Solitary Pondering

As the moon passed overhead, I took notice that it passed in the forefront of the Rupture, the immense tear that was always so visible in the night sky. Not for the first time, I wondered what had truly caused it and what it was. Was it an intentional occurrence? Would it have lasting effects on the world that were too subtle to notice over the course of a human lifetime? I hadn’t been living in this land when the rupture happened, but it was one of the major factors that brought me here.

I was fairly certain that its consequences wouldn’t have disastrous long term effects, but there was no way to tell for sure without more information. I had gotten as close as I physically could to the phenomenon, but even standing on the tallest mountain and stretching my neck out as far as possible yielded no conclusive results. In fact, it didn’t even look any larger than before, even though at that height I could see the curvature of the planet. Fascinating sight. One of the questions that had always bothered me about the Rupture is that startlingly little had changed since it occurred. Well, perhaps that wasn’t quite true, because so much was different now than it was then. My point is that I couldn’t contribute any of the change to the Rupture, which seems incredibly odd to me. Shouldn’t an event with such astrological significance change things?

I was interrupted from my musings by the sound of something I couldn’t immediately place. It was a throaty, choking sound, and when I tried to place it, I realized I could no longer see. That was odd. My vision had blacked out. Feeling my surroundings, they were very wet and… sharp? Oh, goodness. I had been eaten again. One of my weakest attributes is that I get so easily distracted by my own thoughts that I completely lose touch of everything that’s going on around me. But at the same time I couldn’t put the blame wholly on myself. After all, I had already seen most of what there was to see, so my mind was the only new and interesting thing I regularly had access to.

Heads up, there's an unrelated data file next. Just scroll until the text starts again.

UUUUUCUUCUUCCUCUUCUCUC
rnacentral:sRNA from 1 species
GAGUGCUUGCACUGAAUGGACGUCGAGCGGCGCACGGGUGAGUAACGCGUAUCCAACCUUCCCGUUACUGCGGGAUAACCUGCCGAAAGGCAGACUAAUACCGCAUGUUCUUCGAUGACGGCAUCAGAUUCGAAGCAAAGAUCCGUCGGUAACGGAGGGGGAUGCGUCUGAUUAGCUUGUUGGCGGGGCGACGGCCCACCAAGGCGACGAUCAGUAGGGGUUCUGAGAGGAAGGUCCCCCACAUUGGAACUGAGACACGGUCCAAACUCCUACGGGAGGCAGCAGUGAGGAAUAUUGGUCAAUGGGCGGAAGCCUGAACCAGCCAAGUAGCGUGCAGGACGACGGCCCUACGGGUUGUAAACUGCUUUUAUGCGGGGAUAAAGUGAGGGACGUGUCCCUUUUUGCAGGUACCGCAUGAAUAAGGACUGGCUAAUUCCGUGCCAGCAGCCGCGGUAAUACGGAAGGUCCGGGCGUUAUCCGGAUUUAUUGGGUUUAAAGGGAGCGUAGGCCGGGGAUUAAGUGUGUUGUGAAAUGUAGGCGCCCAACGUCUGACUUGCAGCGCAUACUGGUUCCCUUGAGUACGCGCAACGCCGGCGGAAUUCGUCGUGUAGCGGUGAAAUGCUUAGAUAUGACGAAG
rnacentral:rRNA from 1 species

I was doing it again: thinking when I should be concerned with not getting eaten. It was probably my own fault. Natural selection of white fur can only take rabbits so far when you’re standing in the middle of a snow barren field. I shouldn’t be surprised that whatever had just been strolling by, going about its day, had found its way to a free meal. Well, perhaps that wasn’t quite true. I was certainly no free meal, regardless of how vulnerable I appeared. It occurred to me that I was considerably heavier than this would-be predator would have accounted for, and in its attempts to swallow me whole, had only succeeded on thoroughly encasing me in saliva. I wondered if any creature killed its prey by drowning it in such a manner. Was it even possible? Surely it could be. Perhaps a mammoth could do that, if mammoths were carnivores. Their mouths wouldn’t me large enough to swallow anything whole, though, even if they were. Surely there was another creature more suited to such a task.

But I was losing track of myself. I had to rid myself of this poor beast or it would dehydrate itself all over me. I concentrated my form and shifted it into a hawk, forearms expanding as they grew into wings. I was released from the beasts jaws immediately. I’m sure it wasn’t too happy about realizing whatever it had in its mouth was not whatever it thought it had in its mouth. As soon as I was free, I took note that it was an arctic fox. Probably a big one, if I had to guess, but I couldn’t remember the last time I was this close to one to really know for sure.

As I lifted from the ground, I decided to head south. This land was too dangerous for contemplative pondering. Besides, there were huge beasts here that controlled the winds. Wyverns, the humans called them. I wasn’t sure I could easily brush one of them off if it wanted me for dinner. Why did I even come here?

Oh, that’s right. I was trying to gather more information about the Rupture. I had heard there was some distant land north of Aluvalia, where I currently was. I had never been there myself, which was intriguing. Nearly three thousand years on this world and I had only recently heard of a piece of it just a few hundred miles offshore of Torreth. I turned around. This land may not provide me with any more information, but it stood to reason that I was more likely I’d find out something there than I place I had already been.  Besides, I had never been there. That fact alone was reason enough. I had been everywhere else, after all. Well, perhaps that wasn’t quite true…

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